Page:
At this point in time there can be no doubt - we all love superheroes. Just take a look at the list of recent cinematic success stories, it's clear that we simply can't get enough of these arbiters of justice and their struggles to uphold what they believe to be right. Yet, as much as we marvel at these heroes and what they stand for, something has changed in the way we view these stories - for all of our love and admiration, we don't want to *be* heroes ourselves any more, and our tales of heroism are ever-more tinged with the suffering and struggles that we want to avoid.
Perhaps inevitably, Japan has played upon this shift in its own unique ways within anime. The recent hit One-Punch Man is a notable toying not just with the stereotypes of the shonen genre, but also the concept of what it means to be a hero, featuring as its star a disinterested fellow whose primary concern really isn't necessarily saving lives. Set against this, Samurai Flamenco could be regarded as "the anti-One-Punch Man" - this isn't the story of an overpowered hero bored with his lot, but rather an underpowered young man who yearns to be the kind of hero he saw on television as a boy.
The man in question is Hazama Masayoshi, a male model with a burgeoning career who has nonetheless chosen to reimagine himself as a crime-fighting hero: Samurai Flamenco, a man with the sharp edge of a samurai sword but the passion of a flamenco dancer. That said, there's nothing samurai or flamenco-like about our first meeting with Hazama - we find him naked, caught in the midst of changing into a costume that is soon accidentally reduced to a burning mess. This debacle comes at the hands of an off-duty cop named Goto - a man for whom justice is what he worries about only when he's working but is of little concern to him once he clocks off.
In spite of this personality clash somehow the pair strike up a friendship, although no amount of insistence from Goto that Hazama knock off the superhero act is going to sway him from pursuing his dream it seems. Thus, Goto is stuck cleaning up after whatever mess his new friend happens to make as Samurai Flamenco, while trying to ease him down a path that will at least stop him coming to real harm. Little does he know that his headaches are about to grow considerably - Hazama isn't the only wannabe superhero in town, and as time goes by it seems that the city is in need of a hero that precisely matches Samurai Flamenco's mould.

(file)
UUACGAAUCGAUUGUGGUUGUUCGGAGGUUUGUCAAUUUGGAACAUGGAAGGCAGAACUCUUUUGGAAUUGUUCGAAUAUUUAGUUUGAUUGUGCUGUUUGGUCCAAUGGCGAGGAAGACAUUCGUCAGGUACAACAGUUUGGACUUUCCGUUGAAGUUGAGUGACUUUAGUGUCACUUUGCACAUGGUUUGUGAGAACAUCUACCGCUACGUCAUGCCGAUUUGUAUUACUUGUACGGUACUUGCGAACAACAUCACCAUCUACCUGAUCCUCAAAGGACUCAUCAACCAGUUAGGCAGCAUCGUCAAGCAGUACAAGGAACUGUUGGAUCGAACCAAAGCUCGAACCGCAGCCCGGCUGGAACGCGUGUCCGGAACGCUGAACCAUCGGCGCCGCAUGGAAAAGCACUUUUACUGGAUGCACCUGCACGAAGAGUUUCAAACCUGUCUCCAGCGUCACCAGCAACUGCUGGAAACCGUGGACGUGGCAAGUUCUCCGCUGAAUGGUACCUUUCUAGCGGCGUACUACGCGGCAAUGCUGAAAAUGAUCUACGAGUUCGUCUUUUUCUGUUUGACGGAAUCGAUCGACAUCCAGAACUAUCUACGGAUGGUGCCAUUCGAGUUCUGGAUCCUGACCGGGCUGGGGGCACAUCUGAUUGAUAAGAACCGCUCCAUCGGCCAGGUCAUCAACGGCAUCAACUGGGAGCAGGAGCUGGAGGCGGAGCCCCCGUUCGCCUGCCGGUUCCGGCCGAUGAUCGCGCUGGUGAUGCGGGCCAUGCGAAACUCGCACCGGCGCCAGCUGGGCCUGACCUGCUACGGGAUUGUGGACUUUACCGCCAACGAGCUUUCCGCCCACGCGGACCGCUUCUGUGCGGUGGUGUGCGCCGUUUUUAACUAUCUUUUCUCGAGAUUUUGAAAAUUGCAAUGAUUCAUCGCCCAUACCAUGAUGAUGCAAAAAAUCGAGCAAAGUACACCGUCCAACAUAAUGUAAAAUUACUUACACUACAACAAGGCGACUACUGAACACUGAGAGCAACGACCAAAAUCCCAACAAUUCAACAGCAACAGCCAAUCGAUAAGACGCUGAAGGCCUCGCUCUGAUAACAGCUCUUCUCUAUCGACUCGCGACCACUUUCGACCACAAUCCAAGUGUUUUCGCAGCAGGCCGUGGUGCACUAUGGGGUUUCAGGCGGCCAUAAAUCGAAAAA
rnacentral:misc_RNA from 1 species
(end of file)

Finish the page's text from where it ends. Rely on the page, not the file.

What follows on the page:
To call the first eleven episodes of Samurai Flamenco a crazy ride would be an understatement - the series starts out simply enough, as we watch Hazama's formative steps and see him grow from an idealistic young man who can't even stand up against a group of delinquents into something approaching a low-key but effective hero that captures the city's imagination. If this sounds like a concept that might run out of steam spread over 22 episodes then you might be right, but we never get the time to find out... episode seven blindsides the viewer with a seismic shift in the scope of Samurai Flamenco's story and never looks back from that moment forth, and by the time we reach episode eleven and the half-way point which marks the end of this collection we're watching another entirely different series.